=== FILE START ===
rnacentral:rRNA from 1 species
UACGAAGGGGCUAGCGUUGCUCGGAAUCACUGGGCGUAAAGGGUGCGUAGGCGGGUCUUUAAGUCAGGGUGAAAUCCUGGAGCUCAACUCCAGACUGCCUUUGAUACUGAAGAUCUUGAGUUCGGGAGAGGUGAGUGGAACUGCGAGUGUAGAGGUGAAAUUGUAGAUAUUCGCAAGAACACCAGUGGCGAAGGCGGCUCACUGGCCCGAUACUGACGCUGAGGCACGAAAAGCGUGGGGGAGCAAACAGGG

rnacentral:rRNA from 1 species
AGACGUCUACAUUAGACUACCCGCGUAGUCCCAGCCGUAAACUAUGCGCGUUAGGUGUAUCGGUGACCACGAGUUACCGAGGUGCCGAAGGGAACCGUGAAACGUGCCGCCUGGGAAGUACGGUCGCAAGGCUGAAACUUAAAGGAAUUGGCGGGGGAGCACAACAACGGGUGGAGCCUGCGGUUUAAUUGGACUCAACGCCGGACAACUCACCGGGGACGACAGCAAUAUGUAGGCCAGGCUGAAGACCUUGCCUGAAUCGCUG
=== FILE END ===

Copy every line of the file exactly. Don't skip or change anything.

rnacentral:rRNA from 1 species
UACGAAGGGGCUAGCGUUGCUCGGAAUCACUGGGCGUAAAGGGUGCGUAGGCGGGUCUUUAAGUCAGGGUGAAAUCCUGGAGCUCAACUCCAGACUGCCUUUGAUACUGAAGAUCUUGAGUUCGGGAGAGGUGAGUGGAACUGCGAGUGUAGAGGUGAAAUUGUAGAUAUUCGCAAGAACACCAGUGGCGAAGGCGGCUCACUGGCCCGAUACUGACGCUGAGGCACGAAAAGCGUGGGGGAGCAAACAGGG

rnacentral:rRNA from 1 species
AGACGUCUACAUUAGACUACCCGCGUAGUCCCAGCCGUAAACUAUGCGCGUUAGGUGUAUCGGUGACCACGAGUUACCGAGGUGCCGAAGGGAACCGUGAAACGUGCCGCCUGGGAAGUACGGUCGCAAGGCUGAAACUUAAAGGAAUUGGCGGGGGAGCACAACAACGGGUGGAGCCUGCGGUUUAAUUGGACUCAACGCCGGACAACUCACCGGGGACGACAGCAAUAUGUAGGCCAGGCUGAAGACCUUGCCUGAAUCGCUG